Meeting with Manuel
– by Paul Davies
Most people hold a recollection of the first time they heard Manuel Göttsching’s ‘E2-E4’ album. It has a gentle, benign quality that you can’t help but take notice of whilst listening to it. It pulls you in. And, similar to Reich’s ‘Music for 18 Musicians’ or Oldfield’s ‘Tubular Bells’, it is a unique composition that clocks in at almost one hour – and leaves you wanting more. Like those albums, ‘E2-E4’ follows the standard western music convention of resolving its opening statement, i.e. Introduction – Middle section – Conclusion, but soon establishes that it has little intention of progressing any harmony or melody. Rather, it repeats a very simple modulated synth riff ad infinitum. By the time it’s got its groove on, ‘E2-E4’ has set up the ideal conditions to induce a soft trance-like state. No wonder it was so popular with Manhattan’s nascent after-hours clubbing community in the mid-80’s. The album title refers to the guitar’s low string, tuned to E2; its high string to E4. Want more pun? That’s in the cover art. E2 to E4 is the most popular opening sequence in a game of chess.
In 2010, I was fortunate to meet with Manuel and his film documentarist wife, Ilona Ziok in Berlin. They graciously invited me to dinner and, acting like alternative city guides, pointed out Bowie’s apartment when he was recording “Low”. Over the next two and a half hours, we ate at their favourite Italian restaurant whilst Manuel went through his entire archive of recordings in chronological order. He and Ilona provided social and political commentary, providing context to the music and Germany during the post-war years. In particular to this album was the recollection when he played the demo tape to Richard Branson, original founder of Virgin records, in the early 80’s. Göttsching was concluding an album deal with the label at the time. It was open-ended and he could have continued with this recording, but for the fact that record labels were changing dramatically, taking on more commercial acts. Branson was cradling a new born baby in his arms as the music played. “Manuel, this is great music,” he remarked. “You could make a fortune with this.”
Perhaps that was all the validation he needed. He decided to keep the music with him for the time being. ‘E2-E4’ was eventually released in 1984. It had been sitting in the studio vaults, along with many more recordings from Studio Roma. When a friend announced he was setting up a new label for experimental music, Göttsching offered him ‘E2-E4’. I wonder how many of the initial pressings made their way over to the US. It was a few years later when friends started to tell Manuel that some of New York’s cutting edge DJs were playing it at the end of very long sessions. In Germany, it had been largely ignored, he recalled.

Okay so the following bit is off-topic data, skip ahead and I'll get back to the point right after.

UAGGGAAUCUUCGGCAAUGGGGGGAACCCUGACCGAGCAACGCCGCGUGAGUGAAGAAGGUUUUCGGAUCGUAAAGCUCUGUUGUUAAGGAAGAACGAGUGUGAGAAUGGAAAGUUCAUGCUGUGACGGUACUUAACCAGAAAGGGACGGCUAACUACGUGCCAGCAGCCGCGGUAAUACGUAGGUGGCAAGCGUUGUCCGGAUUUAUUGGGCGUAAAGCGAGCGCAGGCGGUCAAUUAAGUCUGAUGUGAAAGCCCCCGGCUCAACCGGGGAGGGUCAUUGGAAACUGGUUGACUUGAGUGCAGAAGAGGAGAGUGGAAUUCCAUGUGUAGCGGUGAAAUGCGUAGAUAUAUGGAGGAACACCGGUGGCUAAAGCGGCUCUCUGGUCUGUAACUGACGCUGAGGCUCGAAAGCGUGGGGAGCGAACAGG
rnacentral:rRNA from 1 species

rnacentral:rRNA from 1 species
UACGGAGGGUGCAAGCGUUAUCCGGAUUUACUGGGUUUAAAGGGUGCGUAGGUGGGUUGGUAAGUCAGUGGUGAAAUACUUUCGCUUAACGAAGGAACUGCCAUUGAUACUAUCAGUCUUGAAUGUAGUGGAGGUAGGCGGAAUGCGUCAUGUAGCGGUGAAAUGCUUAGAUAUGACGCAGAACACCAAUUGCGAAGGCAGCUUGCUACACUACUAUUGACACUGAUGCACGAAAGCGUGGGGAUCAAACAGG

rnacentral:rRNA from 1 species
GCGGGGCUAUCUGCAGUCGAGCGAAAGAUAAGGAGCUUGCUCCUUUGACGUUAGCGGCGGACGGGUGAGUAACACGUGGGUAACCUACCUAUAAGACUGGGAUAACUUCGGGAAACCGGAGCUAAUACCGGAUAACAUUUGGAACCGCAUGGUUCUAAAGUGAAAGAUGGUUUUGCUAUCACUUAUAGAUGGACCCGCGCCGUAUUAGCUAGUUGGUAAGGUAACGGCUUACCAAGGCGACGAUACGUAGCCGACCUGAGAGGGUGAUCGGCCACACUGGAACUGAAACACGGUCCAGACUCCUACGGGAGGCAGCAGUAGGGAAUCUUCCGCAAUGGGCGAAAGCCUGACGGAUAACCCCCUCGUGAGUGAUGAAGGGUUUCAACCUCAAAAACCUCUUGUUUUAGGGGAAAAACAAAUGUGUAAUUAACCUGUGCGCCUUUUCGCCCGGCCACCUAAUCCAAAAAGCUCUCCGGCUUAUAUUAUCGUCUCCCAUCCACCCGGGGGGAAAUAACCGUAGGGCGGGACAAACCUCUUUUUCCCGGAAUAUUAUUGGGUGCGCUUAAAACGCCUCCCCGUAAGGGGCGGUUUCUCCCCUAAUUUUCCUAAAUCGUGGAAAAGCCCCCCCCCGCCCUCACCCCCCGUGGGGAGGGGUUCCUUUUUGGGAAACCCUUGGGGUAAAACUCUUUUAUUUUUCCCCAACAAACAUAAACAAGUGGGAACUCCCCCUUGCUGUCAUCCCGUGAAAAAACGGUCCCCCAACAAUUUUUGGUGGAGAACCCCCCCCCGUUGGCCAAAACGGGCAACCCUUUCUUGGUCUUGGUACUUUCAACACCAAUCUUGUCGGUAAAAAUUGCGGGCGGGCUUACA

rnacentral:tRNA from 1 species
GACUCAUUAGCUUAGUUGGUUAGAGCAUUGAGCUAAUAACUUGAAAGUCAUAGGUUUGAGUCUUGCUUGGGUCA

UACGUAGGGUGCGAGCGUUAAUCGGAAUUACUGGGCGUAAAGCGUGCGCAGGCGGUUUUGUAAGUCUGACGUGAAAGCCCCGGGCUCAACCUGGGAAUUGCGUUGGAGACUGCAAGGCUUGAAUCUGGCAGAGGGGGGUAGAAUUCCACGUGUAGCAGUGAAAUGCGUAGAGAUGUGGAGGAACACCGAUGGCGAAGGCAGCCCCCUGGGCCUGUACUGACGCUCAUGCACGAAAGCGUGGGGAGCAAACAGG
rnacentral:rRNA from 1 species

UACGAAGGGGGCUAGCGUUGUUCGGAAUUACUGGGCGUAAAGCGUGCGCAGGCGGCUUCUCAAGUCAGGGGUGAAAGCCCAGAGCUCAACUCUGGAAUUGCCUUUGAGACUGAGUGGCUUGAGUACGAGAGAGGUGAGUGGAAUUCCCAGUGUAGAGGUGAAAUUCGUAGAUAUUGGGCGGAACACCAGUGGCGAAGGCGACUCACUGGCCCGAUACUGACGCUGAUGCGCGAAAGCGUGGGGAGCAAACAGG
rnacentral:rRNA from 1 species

Ironic that given today, there are German online forums declaring that ‘E2-E4’ is as important as Beethoven’s ‘Ninth Symphony’, in terms of musical development. They have dubbed him ‘Manuel van Beethoven’.
1. The Rolling Stones – Aftermath
This is the early Rolling Stones that I loved, long before they became a “rock” band. Music in the tradition of Rhythm and Blues and the first album where they composed all of their songs. I loved the organ on ‘Stupid Girl’, and ‘Goin’ Home’ with its 11-minute length was exciting and very unusual for an album at the time.
I remember, I was with friends painting the walls for a party-room when we listened to this album, and spontaneously my school friend Hartmut Enke and I decided to create a band and play music. The story began…
2. Santana – Caravanserai
An everlasting beauty, floating rhythms, songs melting one into another, the Santana band at its peak. It creates just a beautiful, relaxed atmosphere, which you might consider today as “ambient” or “chillout”. This album surely had an influence on my music.
3. Steve Reich – Music for 18 Musicians
A masterpiece! I was at the European premiere of ‘Music for 18 Musicians’ at the Metamusik festival in Berlin 1976. I was overwhelmed by the power of the performance, by the composition, which was exactly the minimalism that I favoured. And I was especially fascinated that the ensemble was playing only on classical instruments – no electric or electronic equipment used, which was absolutely “en vogue” at the time.
Minimalism at its best. I went home after the concert, thinking that I will have a lot to do…
4. Marvin Gaye – Live at the London Palladium 1977
I heard this music at a party in New York in summer 1977. People were dancing and the song went on and on and on.
Finally, I found out that the DJ was playing tricks in repeating the track multiple times, without any recognisable break. This was completely new to my ears as I was still used to the old-fashioned scheme: song after song / fade-in fade-out.
It was there that I realised that the DJ will have a different role in the future. Not simply playing record after record, but starting to create new arrangements and combinations out of these records and finally create new music himself. And that’s what happened especially in electronic music many years later.
Nevertheless, I loved most of the Motown records, and I always like to listen to them – on and on and on…
5. Erik Satie – Gymnopédies
Just beautiful, and a great composition indeed. I consider it as another kind of minimal music, written long before the term was invented.
Very few notes, but every note is set carefully. It is truly minimal, yet very melodic.
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